|jmke ||12th January 2009 20:52 |
Powering a Google search
Not long ago, answering a query meant traveling to the reference desk of your local library. Today, search engines enable us to access immense quantities of useful information in an instant, without leaving home. Tools like email, online books and photos, and video chat all increase productivity while decreasing our reliance on car trips, pulp and paper.
But as computers become a bigger part of more people's lives, information technology consumes an increasing amount of energy, and Google takes this impact seriously. That's why we have designed and built the most energy efficient data centers in the world, which means the energy used per Google search is minimal. In fact, in the time it takes to do a Google search, your own personal computer will use more energy than Google uses to answer your query.
Recently, though, others have used much higher estimates, claiming that a typical search uses "half the energy as boiling a kettle of water" and produces 7 grams of CO2. We thought it would be helpful to explain why this number is *many* times too high. Google is fast — a typical search returns results in less than 0.2 seconds. Queries vary in degree of difficulty, but for the average query, the servers it touches each work on it for just a few thousandths of a second. Together with other work performed before your search even starts (such as building the search index) this amounts to 0.0003 kWh of energy per search, or 1 kJ. For comparison, the average adult needs about 8000 kJ a day of energy from food, so a Google search uses just about the same amount of energy that your body burns in ten seconds.
In terms of greenhouse gases, one Google search is equivalent to about 0.2 grams of CO2. The current EU standard for tailpipe emissions calls for 140 grams of CO2 per kilometer driven, but most cars don't reach that level yet. Thus, the average car driven for one kilometer (0.6 miles for those in the U.S.) produces as many greenhouse gases as a thousand Google searches.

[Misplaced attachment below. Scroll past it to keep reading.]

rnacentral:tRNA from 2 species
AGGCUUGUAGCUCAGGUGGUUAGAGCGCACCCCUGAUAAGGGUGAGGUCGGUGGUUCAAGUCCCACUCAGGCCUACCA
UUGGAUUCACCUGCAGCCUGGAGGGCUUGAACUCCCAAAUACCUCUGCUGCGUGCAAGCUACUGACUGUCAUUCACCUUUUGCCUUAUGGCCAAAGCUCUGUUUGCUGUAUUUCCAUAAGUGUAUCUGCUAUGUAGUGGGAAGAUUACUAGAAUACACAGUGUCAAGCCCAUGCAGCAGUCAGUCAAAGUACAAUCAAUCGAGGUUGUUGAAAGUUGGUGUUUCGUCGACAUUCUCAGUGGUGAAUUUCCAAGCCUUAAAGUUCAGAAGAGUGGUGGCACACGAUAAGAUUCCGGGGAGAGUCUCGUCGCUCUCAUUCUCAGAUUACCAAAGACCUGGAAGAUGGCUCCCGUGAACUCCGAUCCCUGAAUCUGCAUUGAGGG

We've made great strides to reduce the energy used by our data centers, but we still want clean and affordable sources of electricity for the power that we do use. In 2008 our philanthropic arm, Google.org, invested $45 million in breakthrough clean energy technologies. And last summer, as part of our Renewable Energy Cheaper than Coal initiative (RE<C), we created an internal engineering group dedicated to exploring clean energy.
We're also working with other members of the IT community to improve efficiency on a broader scale. In 2007 we co-founded the Climate Savers Computing Initiative, a group which champions more efficient computing. This non-profit consortium is committed to cutting the energy consumed by computers in half by 2010 — reducing global CO2 emissions by 54 million tons per year. That's a lot of kettles of tea.
in response to http://technology.timesonline.co.uk/...cle5489134.ece
Performing two Google searches from a desktop computer can generate about the same amount of carbon dioxide as boiling a kettle for a cup of tea, according to new research.
While millions of people tap into Google without considering the environment, a typical search generates about 7g of CO2 Boiling a kettle generates about 15g. “Google operates huge data centres around the world that consume a great deal of power,” said Alex Wissner-Gross, a Harvard University physicist whose research on the environmental impact of computing is due out soon. “A Google search has a definite environmental impact.”
Google is secretive about its energy consumption and carbon footprint. It also refuses to divulge the locations of its data centres. However, with more than 200m internet searches estimated globally daily, the electricity consumption and greenhouse gas emissions caused by computers and the internet is provoking concern. A recent report by Gartner, the industry analysts, said the global IT industry generated as much greenhouse gas as the world’s airlines - about 2% of global CO2 emissions. “Data centres are among the most energy-intensive facilities imaginable,” said Evan Mills, a scientist at the Lawrence Berkeley National Laboratory in California. Banks of servers storing billions of web pages require power.
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